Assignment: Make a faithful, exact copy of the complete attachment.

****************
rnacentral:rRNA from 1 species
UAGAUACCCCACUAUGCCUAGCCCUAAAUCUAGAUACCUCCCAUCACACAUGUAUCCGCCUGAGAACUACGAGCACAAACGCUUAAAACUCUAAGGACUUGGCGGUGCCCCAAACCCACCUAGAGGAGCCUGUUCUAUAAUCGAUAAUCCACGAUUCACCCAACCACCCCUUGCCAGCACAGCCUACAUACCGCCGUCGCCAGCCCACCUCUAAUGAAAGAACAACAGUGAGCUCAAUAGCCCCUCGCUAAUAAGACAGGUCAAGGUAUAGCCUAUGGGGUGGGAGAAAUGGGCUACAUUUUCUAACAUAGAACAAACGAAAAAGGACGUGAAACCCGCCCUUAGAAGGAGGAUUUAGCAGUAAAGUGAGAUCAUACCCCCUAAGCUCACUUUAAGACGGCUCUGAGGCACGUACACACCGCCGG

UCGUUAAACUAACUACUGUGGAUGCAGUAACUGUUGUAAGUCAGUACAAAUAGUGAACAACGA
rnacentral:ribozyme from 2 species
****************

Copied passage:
rnacentral:rRNA from 1 species
UAGAUACCCCACUAUGCCUAGCCCUAAAUCUAGAUACCUCCCAUCACACAUGUAUCCGCCUGAGAACUACGAGCACAAACGCUUAAAACUCUAAGGACUUGGCGGUGCCCCAAACCCACCUAGAGGAGCCUGUUCUAUAAUCGAUAAUCCACGAUUCACCCAACCACCCCUUGCCAGCACAGCCUACAUACCGCCGUCGCCAGCCCACCUCUAAUGAAAGAACAACAGUGAGCUCAAUAGCCCCUCGCUAAUAAGACAGGUCAAGGUAUAGCCUAUGGGGUGGGAGAAAUGGGCUACAUUUUCUAACAUAGAACAAACGAAAAAGGACGUGAAACCCGCCCUUAGAAGGAGGAUUUAGCAGUAAAGUGAGAUCAUACCCCCUAAGCUCACUUUAAGACGGCUCUGAGGCACGUACACACCGCCGG

UCGUUAAACUAACUACUGUGGAUGCAGUAACUGUUGUAAGUCAGUACAAAUAGUGAACAACGA
rnacentral:ribozyme from 2 species